Susan Benesch notes how the ICTR Trial Chamber’s decision failed to specify which acts constituted “incitement to genocide.”109 Moreover, the Trial Chamber’s decision aroused concerns that incitement had been erroneously conflated with hate speech.110 The ICTR Appeals Chamber sought to resolve these problems through a meticulous analysis of each RTLM broadcast and Kangura article, ultimately concluding that the Trial Chamber had not confused hate speech with incitement to genocide.111 Instead, the Appeals Chamber affirmed the Trial Chamber’s holding that an incitement need not be explicit, reasoning that cultural context may demonstrate that an audience clearly understood the statements as inciting genocide.112 The Appeals Chamber did, however, reverse Barayagwiza’s incitement conviction, noting—like the IMT in Fritzsche—that he was Nahimana’s subordinate. Nahimana and Ngeze’s convictions were affirmed.113

The foregoing IMT and ICTR cases provide rich guidance as to incitement’s four elements, particularly the harder-to-prove elements of “direct” and “public.” Public incitement means “that the call for criminal action is communicated to a number of individuals in a public place or to members of the general public at large particularly by technological means of mass communication, such as by radio or by television.”114 Direct incitement may be either a particular statement that explicitly calls for genocide or implicit statements that, in their cultural context, are understood as calls for genocide.115 International courts especially consider systematic propaganda campaigns, in addition to individual statements, as satisfying incitement; however, in analyzing campaigns they are less likely to convict the propagandist’s deputies.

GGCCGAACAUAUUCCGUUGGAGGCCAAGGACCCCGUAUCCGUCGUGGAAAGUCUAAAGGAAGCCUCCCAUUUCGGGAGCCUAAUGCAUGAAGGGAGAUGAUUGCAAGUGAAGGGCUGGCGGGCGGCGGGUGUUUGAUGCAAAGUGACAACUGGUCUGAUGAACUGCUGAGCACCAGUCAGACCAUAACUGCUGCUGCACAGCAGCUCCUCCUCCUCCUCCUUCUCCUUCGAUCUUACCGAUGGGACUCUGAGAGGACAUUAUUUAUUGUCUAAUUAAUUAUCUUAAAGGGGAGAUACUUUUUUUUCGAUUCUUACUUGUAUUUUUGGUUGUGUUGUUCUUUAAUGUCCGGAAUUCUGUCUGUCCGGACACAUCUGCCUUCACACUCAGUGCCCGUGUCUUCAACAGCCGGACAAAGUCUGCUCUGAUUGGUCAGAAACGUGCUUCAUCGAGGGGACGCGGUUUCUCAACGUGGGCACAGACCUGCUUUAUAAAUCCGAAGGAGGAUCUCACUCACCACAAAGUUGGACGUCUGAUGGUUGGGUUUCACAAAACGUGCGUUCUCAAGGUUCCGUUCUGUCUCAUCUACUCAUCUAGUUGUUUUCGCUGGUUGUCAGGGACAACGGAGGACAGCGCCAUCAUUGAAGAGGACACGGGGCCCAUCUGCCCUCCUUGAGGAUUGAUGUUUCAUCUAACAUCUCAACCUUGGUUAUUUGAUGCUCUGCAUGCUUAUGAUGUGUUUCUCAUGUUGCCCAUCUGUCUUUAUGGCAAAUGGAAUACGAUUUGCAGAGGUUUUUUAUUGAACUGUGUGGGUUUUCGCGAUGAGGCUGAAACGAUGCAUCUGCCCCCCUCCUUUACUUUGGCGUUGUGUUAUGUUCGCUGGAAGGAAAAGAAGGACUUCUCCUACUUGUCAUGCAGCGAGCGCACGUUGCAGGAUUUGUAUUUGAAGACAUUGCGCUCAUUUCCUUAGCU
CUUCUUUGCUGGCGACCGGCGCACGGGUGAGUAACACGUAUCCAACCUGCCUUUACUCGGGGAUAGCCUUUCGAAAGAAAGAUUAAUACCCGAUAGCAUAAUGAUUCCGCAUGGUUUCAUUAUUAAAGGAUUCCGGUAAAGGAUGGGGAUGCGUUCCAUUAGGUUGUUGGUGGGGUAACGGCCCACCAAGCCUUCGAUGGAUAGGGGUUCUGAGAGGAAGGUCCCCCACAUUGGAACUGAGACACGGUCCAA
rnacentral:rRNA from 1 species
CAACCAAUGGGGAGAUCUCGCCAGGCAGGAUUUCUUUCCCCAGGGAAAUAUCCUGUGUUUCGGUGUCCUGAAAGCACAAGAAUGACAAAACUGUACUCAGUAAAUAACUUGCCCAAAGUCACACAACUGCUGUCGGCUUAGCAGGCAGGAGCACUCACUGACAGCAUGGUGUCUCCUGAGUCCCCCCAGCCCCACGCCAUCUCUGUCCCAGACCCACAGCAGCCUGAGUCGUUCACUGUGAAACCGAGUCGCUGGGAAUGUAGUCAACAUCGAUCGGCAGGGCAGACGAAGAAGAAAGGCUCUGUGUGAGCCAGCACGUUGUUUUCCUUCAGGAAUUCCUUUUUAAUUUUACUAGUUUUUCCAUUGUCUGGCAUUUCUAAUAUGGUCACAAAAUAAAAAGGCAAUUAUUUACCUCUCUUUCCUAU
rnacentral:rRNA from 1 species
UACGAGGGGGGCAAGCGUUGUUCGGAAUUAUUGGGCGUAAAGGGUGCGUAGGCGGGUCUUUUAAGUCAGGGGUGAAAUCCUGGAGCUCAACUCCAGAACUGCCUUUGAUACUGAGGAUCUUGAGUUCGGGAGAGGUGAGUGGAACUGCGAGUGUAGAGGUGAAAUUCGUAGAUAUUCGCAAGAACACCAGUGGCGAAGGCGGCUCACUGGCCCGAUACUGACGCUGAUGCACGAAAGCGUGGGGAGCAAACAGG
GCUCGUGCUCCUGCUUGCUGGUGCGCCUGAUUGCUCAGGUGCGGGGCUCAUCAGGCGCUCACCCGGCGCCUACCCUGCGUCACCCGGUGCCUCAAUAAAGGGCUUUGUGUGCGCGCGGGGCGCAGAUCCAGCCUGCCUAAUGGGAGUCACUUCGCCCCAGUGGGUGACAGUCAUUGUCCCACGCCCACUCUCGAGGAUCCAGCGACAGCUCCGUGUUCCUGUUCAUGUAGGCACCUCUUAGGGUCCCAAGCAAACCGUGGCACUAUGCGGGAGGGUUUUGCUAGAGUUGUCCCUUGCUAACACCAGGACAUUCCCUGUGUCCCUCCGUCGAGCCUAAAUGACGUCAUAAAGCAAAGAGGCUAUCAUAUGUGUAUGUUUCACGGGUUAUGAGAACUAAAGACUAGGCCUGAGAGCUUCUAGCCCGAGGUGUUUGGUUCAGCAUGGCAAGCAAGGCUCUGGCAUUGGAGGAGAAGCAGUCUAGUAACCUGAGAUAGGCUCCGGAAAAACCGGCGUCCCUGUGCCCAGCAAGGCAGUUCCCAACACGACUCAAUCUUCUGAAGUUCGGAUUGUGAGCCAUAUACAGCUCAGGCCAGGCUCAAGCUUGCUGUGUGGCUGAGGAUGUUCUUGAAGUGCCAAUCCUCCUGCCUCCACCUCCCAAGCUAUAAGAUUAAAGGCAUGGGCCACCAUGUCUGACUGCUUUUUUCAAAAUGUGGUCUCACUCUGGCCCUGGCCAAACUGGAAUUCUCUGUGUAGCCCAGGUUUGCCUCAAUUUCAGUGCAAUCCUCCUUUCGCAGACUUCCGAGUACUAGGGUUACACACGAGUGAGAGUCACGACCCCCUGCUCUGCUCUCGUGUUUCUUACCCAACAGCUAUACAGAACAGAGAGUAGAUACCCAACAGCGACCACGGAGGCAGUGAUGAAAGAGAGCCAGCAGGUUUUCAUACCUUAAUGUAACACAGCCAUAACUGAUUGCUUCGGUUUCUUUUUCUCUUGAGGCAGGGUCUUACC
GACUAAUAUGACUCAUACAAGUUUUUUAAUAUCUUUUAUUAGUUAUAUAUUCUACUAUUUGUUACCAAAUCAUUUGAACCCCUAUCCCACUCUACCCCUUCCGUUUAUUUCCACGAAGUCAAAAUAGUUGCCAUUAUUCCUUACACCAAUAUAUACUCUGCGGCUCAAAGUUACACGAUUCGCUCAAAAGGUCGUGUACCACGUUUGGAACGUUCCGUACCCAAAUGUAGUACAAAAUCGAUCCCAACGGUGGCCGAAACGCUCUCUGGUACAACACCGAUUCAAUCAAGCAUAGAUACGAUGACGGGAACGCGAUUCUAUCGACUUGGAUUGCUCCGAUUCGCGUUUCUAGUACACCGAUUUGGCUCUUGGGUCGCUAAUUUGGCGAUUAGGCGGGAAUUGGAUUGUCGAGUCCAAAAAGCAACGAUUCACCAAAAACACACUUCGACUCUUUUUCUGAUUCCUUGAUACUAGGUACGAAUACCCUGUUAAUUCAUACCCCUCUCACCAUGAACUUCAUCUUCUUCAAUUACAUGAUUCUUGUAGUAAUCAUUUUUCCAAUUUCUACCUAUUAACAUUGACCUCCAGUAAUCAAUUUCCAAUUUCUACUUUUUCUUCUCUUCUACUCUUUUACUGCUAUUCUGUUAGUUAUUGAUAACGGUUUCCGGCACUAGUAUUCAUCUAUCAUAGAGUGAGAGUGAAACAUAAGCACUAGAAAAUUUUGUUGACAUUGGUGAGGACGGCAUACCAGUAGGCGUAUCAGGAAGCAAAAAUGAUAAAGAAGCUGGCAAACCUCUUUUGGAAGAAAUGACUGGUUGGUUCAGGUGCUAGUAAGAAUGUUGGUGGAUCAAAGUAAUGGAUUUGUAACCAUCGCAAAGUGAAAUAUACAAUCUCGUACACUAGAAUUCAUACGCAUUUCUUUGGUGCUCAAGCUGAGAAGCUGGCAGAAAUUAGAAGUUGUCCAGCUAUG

III. Modes of Liability